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    Sha’Carri Richardson Responds To Contentious Kamila Valieva News

    American Sprinter Sha’Carri Richardson emphasizes how upset she is with the doping ruling of Russian figure skater Kamila Valieva, according to NBC Washington. Richardson has questioned the ruling due to the Toyko Olympics last summer following a positive drug test that held her from running. However, hypocrisy seems to strike again. The latest ruling allows for Valieva to perform even after a positive drug test.

    Many recall that Richardson was favored in Toyko after winning the 100-meter race at the U.S. Olympic Track and Field Trials in Eugene, Oregon. However, she tested positive for THC after the race. She admits to smoking marijuana upon learning about her mother’s sudden death. Richardson accepted the one-month suspension that prevented her from running in the Olympics.

    In Valieva’s case,  the skater tested positive for a banned heart medication, trimetazidine. Oddly, it took six weeks to get test results. However, every sample given by Valieva at the Olympics has come back clean, per The Associated Press. The World Anti-Doping Agency bans trimetazidine because it can give the player a significant advantage. Russia’s Anti-Doping agency gave her a provisional suspension for the drug tests, yet, they lifted it a day later. This allowed her to compete freely, although the International Olympic Committee, the World Anti-Doping Agency, and International Skating Union appealed the decision.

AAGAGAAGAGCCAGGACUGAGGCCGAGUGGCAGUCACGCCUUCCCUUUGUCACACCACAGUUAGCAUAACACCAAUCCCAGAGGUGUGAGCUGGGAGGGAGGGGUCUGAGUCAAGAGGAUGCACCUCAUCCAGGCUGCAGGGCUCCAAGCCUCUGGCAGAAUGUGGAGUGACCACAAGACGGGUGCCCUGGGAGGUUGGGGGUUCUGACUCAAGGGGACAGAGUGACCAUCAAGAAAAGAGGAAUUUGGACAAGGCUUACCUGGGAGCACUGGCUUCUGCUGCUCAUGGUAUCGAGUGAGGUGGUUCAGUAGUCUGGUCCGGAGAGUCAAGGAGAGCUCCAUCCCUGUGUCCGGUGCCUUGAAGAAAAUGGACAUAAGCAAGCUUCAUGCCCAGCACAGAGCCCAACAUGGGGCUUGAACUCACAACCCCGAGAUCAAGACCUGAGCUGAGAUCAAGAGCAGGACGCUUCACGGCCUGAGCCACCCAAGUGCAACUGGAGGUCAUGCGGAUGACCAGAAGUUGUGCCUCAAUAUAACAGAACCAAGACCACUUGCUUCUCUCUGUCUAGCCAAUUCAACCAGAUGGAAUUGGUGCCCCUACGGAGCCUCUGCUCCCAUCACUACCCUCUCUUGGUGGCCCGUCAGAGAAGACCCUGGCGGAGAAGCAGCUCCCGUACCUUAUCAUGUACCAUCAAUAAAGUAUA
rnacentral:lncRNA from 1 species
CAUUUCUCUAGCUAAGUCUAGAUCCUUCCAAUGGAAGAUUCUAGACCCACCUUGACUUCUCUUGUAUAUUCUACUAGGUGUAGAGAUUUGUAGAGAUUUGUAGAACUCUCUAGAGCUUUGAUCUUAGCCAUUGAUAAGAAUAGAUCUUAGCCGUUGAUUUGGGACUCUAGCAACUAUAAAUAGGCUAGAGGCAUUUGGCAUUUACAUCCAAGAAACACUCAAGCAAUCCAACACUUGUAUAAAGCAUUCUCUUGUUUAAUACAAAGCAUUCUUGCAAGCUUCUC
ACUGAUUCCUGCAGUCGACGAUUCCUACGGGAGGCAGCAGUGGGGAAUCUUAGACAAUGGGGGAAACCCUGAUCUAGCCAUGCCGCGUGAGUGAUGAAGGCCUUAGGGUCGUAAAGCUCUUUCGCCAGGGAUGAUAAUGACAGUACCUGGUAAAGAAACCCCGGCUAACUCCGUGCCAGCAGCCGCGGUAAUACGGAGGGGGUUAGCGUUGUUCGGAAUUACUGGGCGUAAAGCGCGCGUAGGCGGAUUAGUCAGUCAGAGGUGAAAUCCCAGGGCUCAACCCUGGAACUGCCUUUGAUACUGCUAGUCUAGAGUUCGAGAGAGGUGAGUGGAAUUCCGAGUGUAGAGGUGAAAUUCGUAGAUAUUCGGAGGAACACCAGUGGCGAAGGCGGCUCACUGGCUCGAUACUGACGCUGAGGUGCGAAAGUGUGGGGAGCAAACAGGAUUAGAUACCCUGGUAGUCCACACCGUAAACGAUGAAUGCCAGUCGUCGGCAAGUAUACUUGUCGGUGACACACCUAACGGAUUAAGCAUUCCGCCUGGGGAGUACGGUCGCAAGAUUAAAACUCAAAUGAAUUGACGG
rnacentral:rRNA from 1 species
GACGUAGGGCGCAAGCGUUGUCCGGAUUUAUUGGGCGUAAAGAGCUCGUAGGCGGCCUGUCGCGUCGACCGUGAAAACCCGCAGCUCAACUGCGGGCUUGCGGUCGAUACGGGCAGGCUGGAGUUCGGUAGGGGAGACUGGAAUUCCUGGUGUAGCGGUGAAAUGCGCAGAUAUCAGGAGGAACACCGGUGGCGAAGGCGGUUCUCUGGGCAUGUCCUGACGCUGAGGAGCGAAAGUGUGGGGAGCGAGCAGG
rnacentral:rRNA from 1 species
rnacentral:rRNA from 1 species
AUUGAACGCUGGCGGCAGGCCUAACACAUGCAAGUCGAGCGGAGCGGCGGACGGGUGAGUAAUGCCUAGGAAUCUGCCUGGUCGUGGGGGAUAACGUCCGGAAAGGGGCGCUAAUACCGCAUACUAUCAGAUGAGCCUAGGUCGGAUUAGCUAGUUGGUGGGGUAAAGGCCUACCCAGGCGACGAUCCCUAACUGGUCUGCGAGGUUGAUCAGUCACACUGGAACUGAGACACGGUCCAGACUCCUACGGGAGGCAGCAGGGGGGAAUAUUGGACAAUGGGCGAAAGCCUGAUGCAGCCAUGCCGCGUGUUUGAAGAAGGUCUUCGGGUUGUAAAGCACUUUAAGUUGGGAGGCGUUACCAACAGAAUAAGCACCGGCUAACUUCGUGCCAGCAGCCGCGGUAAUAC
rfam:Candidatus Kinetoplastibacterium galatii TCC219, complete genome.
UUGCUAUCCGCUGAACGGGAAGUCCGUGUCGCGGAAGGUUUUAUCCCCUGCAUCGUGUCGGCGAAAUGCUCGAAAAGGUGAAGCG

Controversial ending

    According to NBC Washington, the Court of Arbitration for Sport ruled out Monday that Valieva could finish the 2022 Olympics despite failing pre-games drug tests. They justified their favorable decision to Valieva by stating that she’s 15-years-old and is protected under the World Ant-Doping Code rule book that shifts responsibility to a minor’s entourage.

    Reasonably so, Sha’Carri Richardson felt that the ruling was a bit unfair. Especially, compared to her similar situation just a year prior. She decided to rant, via Twitter.

    As a result of the controversial decision, Sarah Hirshland, the CEO for the U.S. Olympic and Paralympic Committee issued a statement:

     

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